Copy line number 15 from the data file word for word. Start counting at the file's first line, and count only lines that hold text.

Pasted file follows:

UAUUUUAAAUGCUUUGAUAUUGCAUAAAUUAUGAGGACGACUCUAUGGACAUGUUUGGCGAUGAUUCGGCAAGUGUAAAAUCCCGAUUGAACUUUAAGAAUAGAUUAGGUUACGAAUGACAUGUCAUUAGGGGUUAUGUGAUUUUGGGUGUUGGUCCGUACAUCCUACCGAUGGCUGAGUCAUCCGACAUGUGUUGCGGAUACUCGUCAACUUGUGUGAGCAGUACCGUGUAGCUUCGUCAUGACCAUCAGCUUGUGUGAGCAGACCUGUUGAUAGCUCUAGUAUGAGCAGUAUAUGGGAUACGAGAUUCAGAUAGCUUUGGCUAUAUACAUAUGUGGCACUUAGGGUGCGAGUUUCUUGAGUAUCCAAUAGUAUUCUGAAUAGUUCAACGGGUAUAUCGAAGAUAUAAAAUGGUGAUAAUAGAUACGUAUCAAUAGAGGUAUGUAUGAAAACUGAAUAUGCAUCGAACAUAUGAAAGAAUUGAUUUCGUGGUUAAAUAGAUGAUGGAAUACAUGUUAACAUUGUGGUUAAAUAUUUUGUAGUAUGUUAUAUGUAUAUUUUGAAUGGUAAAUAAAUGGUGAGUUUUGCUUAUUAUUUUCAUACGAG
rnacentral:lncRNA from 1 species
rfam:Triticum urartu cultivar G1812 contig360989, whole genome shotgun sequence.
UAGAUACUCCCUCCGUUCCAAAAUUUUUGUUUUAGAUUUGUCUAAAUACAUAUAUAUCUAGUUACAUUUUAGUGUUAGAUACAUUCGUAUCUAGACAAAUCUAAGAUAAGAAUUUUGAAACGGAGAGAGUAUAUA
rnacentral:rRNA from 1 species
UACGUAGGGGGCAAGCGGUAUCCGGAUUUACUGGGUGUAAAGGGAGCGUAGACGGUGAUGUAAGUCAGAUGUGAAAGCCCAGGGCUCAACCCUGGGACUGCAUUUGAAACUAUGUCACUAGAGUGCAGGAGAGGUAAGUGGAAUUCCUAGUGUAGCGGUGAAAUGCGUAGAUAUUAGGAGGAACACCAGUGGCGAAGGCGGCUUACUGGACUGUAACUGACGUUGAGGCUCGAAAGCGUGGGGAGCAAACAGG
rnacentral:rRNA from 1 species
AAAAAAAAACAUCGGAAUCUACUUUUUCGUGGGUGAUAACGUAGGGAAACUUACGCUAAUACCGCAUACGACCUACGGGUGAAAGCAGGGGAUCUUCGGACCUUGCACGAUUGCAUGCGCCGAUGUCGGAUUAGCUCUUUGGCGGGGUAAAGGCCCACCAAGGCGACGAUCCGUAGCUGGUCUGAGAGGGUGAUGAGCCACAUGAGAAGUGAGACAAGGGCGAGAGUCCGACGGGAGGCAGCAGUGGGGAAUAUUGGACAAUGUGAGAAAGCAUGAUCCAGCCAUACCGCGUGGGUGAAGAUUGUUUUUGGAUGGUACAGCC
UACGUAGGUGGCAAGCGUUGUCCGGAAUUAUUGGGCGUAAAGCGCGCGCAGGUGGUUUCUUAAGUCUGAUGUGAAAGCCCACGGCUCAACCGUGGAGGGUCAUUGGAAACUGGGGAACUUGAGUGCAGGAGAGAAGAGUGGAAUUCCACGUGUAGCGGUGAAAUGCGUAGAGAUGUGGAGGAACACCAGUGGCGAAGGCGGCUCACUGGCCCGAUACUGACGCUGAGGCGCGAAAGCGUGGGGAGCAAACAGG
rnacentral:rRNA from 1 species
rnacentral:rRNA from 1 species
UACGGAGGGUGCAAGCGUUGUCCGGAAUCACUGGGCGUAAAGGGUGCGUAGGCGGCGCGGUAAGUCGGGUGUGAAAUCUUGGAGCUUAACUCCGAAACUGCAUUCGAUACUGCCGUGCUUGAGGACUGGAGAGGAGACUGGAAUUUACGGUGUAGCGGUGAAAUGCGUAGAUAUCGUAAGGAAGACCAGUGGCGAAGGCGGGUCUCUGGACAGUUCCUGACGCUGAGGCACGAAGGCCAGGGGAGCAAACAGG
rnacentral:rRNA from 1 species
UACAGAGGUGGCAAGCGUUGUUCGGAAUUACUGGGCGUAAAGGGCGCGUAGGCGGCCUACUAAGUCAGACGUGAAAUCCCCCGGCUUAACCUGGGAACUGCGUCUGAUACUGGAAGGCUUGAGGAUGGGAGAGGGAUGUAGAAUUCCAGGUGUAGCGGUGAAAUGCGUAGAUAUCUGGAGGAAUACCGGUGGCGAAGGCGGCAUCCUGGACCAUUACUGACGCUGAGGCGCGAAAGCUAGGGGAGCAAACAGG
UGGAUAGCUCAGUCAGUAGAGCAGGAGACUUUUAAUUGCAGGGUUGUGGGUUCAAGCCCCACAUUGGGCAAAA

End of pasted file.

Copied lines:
UGGAUAGCUCAGUCAGUAGAGCAGGAGACUUUUAAUUGCAGGGUUGUGGGUUCAAGCCCCACAUUGGGCAAAA